Easton's top 3 Tips for Beginner CrossFitters

Welcome to Nation!
I've been involved with the gym since it's founding in 2008.  I became head coach a few years later and in 2015, I bought Another Level Fitness.  CrossFit Nation (our affiliate name) has been around for over 10 years now!  I truly believe there isn't another gym around who can do what we can do. Our knowledge base is wide and our diversity vast.  We have a unique demographic in that most of our members are “masters.”  That is—over 35.  And they all are Nation Strong.  

There are many tips that I'd like to give, but I'll restrain myself and limit it to just the best and why they are the most important.  I was born with a connective tissue disorder that has required much physical therapy and surgeries.  I have started and stopped physical activity many, many times.  Coming from that background and now specializing in post-rehabilitative exercise, here they are:

Tip number 1:  Listen to your body.  
   If it hurts, you need to stop.  The minute you decide to attach a goal to your exercise regimen, you become an athlete and classes become training.  When training, your body tells you what needs to be worked on.  It's language is discomfort, pain, and fatigue.  Generally, it is simply a muscle and can be addressed by foam rolling.  However, do NOT ignore it. If your mobility is compromised because of a sore spot, your body will seek it from somewhere else in order to meet the demands of what you are asking of it.  Use PVC,  go light, and learn the movements first.  CrossFit looks different on different people.  Be you. 

Number 2:  Never underestimate the power of REST. 
    The very first sub 4 minute mile was achieved by an athlete who took 2 weeks off before the event.  The medical community thought it might not be possible, but in 1954 Roger Bannister proved them wrong and ran a mile in 3 minutes, 59.4 seconds.  He was well rested and ready for his event.  The very best performers—athletic and intellectual-- can perform at their peak only for a little while.  Then they rest.  They take walks. They meditate.  It's called periodization.  We work really hard for a bit, then we need to rest.  Unless you like chronic fatige, mental dullness, brain fog, and otherwise poor performance, you will need to take rest days AND deload weeks serisously.  By the way, the current mile record sits at 3:43.13.  There's a goal for ya!  

And the last, number 3:  Get your diet in line.
    I have mast cell activation disorder.  If I eat histamine-releasing foods, I am unable to function.  My joints ache and dislocate.  It took doctors nearly 20 years to diagnose it. I use food as medicine.   Dessert is not a reward.   You are what you eat and your performace will show it.  Largely, disease comes from poor dietary habits.  We offer nutrition coaching. Our clients get off of their meds, are symptom free from Crohn's, and some are no longer diabetic. We don't do diets. We do food. Take adavantage of it.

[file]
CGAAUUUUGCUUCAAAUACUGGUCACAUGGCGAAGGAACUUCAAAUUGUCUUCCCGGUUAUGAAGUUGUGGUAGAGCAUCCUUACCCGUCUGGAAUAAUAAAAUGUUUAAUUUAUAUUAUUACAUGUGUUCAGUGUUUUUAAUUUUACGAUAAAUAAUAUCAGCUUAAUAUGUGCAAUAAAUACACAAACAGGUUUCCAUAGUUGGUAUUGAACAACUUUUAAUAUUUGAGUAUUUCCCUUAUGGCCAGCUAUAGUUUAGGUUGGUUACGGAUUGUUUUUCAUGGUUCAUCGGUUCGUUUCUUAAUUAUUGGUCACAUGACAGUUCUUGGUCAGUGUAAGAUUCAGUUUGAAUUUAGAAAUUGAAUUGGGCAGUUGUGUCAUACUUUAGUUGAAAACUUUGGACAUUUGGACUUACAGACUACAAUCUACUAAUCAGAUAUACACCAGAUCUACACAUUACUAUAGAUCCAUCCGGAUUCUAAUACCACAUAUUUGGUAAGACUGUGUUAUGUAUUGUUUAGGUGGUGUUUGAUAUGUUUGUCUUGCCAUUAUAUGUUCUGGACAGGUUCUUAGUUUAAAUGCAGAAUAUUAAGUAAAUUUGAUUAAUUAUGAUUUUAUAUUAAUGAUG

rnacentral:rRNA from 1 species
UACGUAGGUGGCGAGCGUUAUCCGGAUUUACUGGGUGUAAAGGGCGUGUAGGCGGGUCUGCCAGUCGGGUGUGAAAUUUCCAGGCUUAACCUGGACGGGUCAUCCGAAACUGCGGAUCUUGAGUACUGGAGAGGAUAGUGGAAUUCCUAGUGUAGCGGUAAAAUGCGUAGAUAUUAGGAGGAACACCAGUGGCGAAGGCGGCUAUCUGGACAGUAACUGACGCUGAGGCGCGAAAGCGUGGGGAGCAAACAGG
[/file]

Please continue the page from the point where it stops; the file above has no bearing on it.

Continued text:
Why are they the most important?  You'll get the most bang for your buck if you follow them.  You'll stay injury free, out of a nursing home, and functioning well, well into old age. 

Kiersten

Weight Loss versus Health Improvement Which is more important: losing weight or improving health?

 
Weight Loss vs. Health Improvement_.png

Weight Loss versus Health Improvement
Which is more important: losing weight or improving health?


Body mass index (BMI), ideal weight and standard weight are measures used to categorize people as underweight, normal weight, overweight and obesity. In an idea world everyone falls in the normal weight category, right? Yet that is not the reality. A person’s weight and body fat is influenced by many factors.
● Age
● Dietary choices
● Diseases
● Eating habits
● Environment
● Ethnicity
● Finances
● Gender
● Genetics
● Hormones
● Medications
● Physical activity
● Sex
● Sleep
● Stress
There are even studies about the “obesity paradox”, a phenomenon in which overweight and obese people live longer than people with a normal BMI. Research into why this occurs in older adults and people with chronic diseases is ongoing. However that does not mean a person should embrace being overweight or obese. We know that the extra pounds are linked to increased risk for cardiovascular disease, certain cancers, diabetes, mobility problems and more. Instead, realize that a focus on improving health is most important. As you embrace your Balanced Habits program focus on the health benefits more than weight changes. Engage in healthy behaviors you can make:
● Choose healthier fats such as avocado, nuts and seeds, olive and canola oil
● Have higher fiber foods
● Establish routine meal and snack times
● Replace fast foods and junk food with home prepared foods and fresh fruits and vegetables
● Use a food diary to record when, why and what you eat
● Engage in regular exercise and strength training
● Hang out with friends who make health a priority
You may discover that a change from weight loss to healthy behaviors changes your mindset and decreases your stress level. Weight loss can becomes secondary to the primary goal of being your healthiest self.

Sara Colman Balanced Habits™ Registered Dietician 2018 All Rights Reserved